IBM’s decision to sue a longtime human resources executive for taking a new job at Microsoft is raising questions among lawyers who specialize in employment agreements and non-compete clauses.
Earlier this week, IBM filed a lawsuit against its former HR VP and chief diversity officer, Lindsay-Rae McIntyre, claiming her new role as Microsoft’s chief diversity officer violates a year-long non-compete agreement. Although non-compete agreements are prevalent in the tech industry, it’s unusual for a company to enforce them over a role that isn’t tied to its core product or business.
“I can’t figure out why they’re doing it,” said Robert Ottinger, a San Francisco-based employment attorney who has been working non-compete cases for nearly 20 years. “I guess they’re just really angry at Microsoft for taking their HR person,” he said, describing McIntyre as “a pawn” who is “stuck in the middle.”
Ottinger, who practices in California and New York, said he has never before seen an HR staffer sued for violating a non-compete agreement.
McIntyre worked for IBM for more than 20 years before taking the job at Microsoft, where she will compete for many of the same types of hires. Microsoft announced McIntyre’s new role as chief diversity officer over the weekend.
IBM alleges in its lawsuit that “disclosure of the very type of confidential information that McIntyre possesses — non-public diversity data, strategies and initiatives — can cause real and immediate competitive harm.” The tech giant says that it is “inevitable that McIntyre will use IBM’s confidential information and trade secrets against IBM” in her new role at Microsoft.
Update 3 p.m: IBM provided the following statement to GeekWire.
“IBM has a long history of being recognized for leadership in a diverse and inclusive workplace. As IBM’s chief diversity officer, Lindsay-Rae McIntyre was at the center of highly confidential and competitively sensitive information that has fueled IBM’s success in these areas. While we can appreciate Microsoft’s need to deal with mounting criticism of its record on diversity, IBM intends to fully enforce Lindsay-Rae’s non-compete agreement – just like we do with all of our senior leaders – to protect our competitive information.”
The lawsuit shows just how critical diversity has become in the tech industry, where companies are aggressively trying to recruit people from underrepresented groups. Over the past decade, tech companies have faced increasing pressure to release employee demographic data, highlighting pervasive under-representation of women and people of color.
Given the competition for diverse talent, Michael Schutzler, CEO of the Seattle-based Washington Technology Industry Association, thinks “nobody should be shocked by the IBM lawsuit.” He added, “In our industry, the number one challenge is recruiting and developing the talent needed to fill the jobs we create.”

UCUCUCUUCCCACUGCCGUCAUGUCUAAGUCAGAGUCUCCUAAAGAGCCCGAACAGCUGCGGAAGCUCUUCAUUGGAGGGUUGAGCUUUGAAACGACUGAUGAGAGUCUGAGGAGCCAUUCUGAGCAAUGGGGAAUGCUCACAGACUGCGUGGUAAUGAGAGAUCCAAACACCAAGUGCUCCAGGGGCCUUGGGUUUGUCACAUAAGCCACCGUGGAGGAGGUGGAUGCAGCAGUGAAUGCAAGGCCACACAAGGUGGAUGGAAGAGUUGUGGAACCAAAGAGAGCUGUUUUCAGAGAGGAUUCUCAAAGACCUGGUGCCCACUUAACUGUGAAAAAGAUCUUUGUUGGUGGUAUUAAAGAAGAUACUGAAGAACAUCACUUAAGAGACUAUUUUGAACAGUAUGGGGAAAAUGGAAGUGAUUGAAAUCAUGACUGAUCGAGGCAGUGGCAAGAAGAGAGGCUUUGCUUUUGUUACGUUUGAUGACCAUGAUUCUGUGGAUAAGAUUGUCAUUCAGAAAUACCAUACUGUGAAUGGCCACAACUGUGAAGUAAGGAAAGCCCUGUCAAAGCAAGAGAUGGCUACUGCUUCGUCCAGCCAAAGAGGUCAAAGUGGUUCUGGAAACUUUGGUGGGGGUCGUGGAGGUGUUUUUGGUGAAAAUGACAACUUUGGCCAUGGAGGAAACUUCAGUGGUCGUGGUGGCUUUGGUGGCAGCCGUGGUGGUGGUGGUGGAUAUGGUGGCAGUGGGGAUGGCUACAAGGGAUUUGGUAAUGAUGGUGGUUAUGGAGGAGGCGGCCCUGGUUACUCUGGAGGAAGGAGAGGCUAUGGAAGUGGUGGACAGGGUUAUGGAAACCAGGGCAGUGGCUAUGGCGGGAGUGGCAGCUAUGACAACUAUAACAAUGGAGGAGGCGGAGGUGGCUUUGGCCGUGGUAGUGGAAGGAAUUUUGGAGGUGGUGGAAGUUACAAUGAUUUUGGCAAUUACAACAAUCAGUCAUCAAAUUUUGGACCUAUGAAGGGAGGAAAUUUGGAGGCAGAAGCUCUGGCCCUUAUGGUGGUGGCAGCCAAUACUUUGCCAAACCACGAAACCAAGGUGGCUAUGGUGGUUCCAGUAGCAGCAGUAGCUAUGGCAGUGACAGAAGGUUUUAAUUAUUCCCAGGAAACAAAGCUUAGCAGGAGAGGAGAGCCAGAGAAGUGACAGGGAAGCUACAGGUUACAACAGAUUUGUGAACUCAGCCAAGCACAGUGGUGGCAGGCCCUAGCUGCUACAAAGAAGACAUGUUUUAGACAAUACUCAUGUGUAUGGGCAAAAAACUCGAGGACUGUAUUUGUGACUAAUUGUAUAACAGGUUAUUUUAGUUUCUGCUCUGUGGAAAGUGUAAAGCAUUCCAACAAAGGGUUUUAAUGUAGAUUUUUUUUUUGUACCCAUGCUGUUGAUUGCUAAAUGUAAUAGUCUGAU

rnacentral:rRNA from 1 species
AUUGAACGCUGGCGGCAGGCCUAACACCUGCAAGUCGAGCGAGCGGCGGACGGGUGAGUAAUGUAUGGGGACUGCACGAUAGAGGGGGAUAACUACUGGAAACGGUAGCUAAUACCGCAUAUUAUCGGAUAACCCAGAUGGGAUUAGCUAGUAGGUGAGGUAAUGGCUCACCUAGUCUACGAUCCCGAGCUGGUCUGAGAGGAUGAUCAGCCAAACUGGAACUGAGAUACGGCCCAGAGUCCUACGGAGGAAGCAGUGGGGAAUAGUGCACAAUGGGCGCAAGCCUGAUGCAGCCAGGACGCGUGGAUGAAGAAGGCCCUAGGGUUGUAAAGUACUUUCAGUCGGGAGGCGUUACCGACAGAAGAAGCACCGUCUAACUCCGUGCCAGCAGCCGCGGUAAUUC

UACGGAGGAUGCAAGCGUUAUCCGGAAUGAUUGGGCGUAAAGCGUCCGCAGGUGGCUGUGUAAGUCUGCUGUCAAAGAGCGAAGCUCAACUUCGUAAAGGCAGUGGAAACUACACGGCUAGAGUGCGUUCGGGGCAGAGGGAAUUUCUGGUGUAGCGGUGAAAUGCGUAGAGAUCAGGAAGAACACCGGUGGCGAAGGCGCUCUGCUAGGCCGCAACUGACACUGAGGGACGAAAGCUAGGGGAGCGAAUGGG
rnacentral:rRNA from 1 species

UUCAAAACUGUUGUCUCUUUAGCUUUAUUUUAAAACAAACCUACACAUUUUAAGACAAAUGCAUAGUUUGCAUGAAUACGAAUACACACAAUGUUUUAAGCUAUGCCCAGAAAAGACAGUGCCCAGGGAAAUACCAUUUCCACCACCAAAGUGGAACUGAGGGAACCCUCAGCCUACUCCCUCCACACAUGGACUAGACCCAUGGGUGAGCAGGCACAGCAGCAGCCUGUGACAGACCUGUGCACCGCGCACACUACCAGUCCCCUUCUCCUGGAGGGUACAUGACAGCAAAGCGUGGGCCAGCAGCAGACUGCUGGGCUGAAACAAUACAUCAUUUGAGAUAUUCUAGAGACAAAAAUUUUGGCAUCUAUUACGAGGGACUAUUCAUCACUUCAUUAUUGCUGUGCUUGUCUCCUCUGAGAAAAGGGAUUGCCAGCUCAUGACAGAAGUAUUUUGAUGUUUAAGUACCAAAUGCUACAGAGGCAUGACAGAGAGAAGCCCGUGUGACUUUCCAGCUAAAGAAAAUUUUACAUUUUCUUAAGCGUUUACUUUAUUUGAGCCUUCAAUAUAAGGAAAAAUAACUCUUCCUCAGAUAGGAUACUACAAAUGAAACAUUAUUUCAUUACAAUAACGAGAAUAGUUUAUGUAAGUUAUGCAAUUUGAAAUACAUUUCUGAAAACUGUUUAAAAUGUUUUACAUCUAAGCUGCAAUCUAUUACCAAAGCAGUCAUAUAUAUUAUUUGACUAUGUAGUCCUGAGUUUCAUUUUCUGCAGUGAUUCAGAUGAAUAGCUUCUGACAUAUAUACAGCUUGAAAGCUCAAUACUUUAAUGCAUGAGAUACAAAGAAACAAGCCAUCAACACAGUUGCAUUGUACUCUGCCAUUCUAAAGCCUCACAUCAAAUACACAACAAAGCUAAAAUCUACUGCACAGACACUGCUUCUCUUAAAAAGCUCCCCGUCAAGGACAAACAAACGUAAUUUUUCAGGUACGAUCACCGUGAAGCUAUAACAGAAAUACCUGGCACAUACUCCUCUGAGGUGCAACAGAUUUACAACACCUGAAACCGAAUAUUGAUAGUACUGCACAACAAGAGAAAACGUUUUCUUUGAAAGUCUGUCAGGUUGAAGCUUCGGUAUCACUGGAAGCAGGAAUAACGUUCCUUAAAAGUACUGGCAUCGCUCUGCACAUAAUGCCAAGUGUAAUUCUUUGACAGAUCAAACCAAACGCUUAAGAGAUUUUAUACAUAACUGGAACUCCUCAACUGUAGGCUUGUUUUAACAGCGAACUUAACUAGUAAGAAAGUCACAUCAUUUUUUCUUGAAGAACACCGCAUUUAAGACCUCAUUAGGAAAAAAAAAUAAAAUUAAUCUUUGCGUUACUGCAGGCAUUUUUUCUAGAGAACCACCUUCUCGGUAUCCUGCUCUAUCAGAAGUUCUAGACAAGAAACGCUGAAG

“In this case, we are talking about human capital as the asset,” he said. “A non-solicit clause prevents the former employee from poaching people. But the knowledge of where to find those people and how to recruit them in a brutally competitive marketplace is more valuable than poaching. The same argument holds for writing code.”
That argument isn’t flying with everyone in the employment law world.
“I doubt there’s any legitimate reason for it,” Ottinger said. “I can’t really see how an HR person could have anything truly unique so that it would be harmful to IBM because HR is something that everyone knows about.”
Venkat Balasubramani of Focal PLLC, a Seattle-based attorney who represented a former Amazon executive sued for allegedly violating a non-compete by taking a job with Smartsheet, also said he found the IBM lawsuit surprising at a time when the entire tech industry is trying to improve its diversity.
“If somebody is increasing diversity efforts, whether it’s at Microsoft or IBM, ostensibly diversity is going to increase overall,” Balasubramani said. “I can’t quite put my finger on it, but there’s something about the optics of going after a diversity officer that just felt weird to me. That made me think, ‘Wow, I wonder if they may regret doing so,’ just because I could see people looking at it and saying, ‘This is really scorched earth.'”
Broad use of non-compete agreements has come under scrutiny in recent years. Traditionally used to protect intellectual property, lower-level employees are increasingly expected to sign them. The sandwich worker compelled to sign a non-compete has become emblematic of the phenomenon.
In New York, where IBM filed its lawsuit, the ubiquity of non-compete agreements has become “unbelievable,” Ottinger said. “Everyone gets a non-compete, and it’s a problem.”
Balasubramani believes the broader reach of non-competes could create an anti-competitive environment.
“If Amazon could tell all its employees to not work at other local tech companies, it’s really putting a cramp on the market forces for the labor market,” he said. “They almost have, in a sense, captive audience over employees and can command different terms in that respect. In a way, I think restricting a recruiter raises a similar issue.”
GeekWire has contacted IBM to comment on the suit. We will update this post when we hear back.
Read the full text of the lawsuit below.